The best gift the industry can give to the environment is responsible packaging and production, says David Rennie

Packaging defines both the look and the feel of Christmas for many consumers and, over the years, seasonal selection boxes have become an established part of Christmas gifting.

The primary function of packaging is to protect the contents, minimising waste while maximising sales through consumer appeal. In the modern world, it should also be about minimising resource wastage in the very manufacture of packaging itself.

The challenge our industry faces at the moment is: can less packaging really do and be more?

Consumers are becoming ever-more engaged with the environmental impacts of their purchasing decisions and packaging is firmly on their radars. Jo Swinson MP has brought the issue to the fore with her campaign to promote responsible packaging and production.

It's against this backdrop that Christmas 2009 will see Nestlé reach the end of an innovative 24-month seasonal packaging journey. Earlier this year, our move to smaller recyclable cardboard Easter boxes, saving more than 700 tonnes of waste, received a positive reaction, demonstrating that consumers, customers and stakeholders recognise manufacturers who make genuine efforts to improve packaging footprints without compromising on appeal.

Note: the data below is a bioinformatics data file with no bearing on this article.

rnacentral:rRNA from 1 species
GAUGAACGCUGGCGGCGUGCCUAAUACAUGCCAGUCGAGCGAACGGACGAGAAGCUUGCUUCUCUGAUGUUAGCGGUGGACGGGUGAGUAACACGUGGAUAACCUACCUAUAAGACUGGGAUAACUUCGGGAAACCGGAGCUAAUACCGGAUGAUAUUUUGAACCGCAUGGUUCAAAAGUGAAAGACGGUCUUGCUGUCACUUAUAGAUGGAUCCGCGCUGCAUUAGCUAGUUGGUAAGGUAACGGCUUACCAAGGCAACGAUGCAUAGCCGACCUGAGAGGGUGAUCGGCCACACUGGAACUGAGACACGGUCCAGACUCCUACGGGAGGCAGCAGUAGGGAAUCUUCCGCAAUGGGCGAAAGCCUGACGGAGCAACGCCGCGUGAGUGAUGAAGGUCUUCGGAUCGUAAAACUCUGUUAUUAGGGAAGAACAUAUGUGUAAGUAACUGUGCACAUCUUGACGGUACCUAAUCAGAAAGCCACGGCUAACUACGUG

This Christmas, Nestlé's two million selection boxes will be almost half the size they were in 2007, saving more than 200 tonnes of waste, without losing any of the confectionery volume; 95% of the packaging involved will be made from materials that are widely recyclable in the UK, up from 70% in 2007. We've also improved our supply chain's environmental footprint, with our new co-packing facility at York saving up to 4,000 lorry journeys a year.

So, can packaging really do more with less? At Nestlé we've taken a lead in showing it can. Through innovation we can make products more desirable, using less resources, while still fulfilling the primary mission to protect what's inside. One thing is for sure, packaging will still be playing its part in making Christmas everyone's favourite time of year. There'll just be less of it.

David Rennie is managing director of Nestlé Confectionery UK.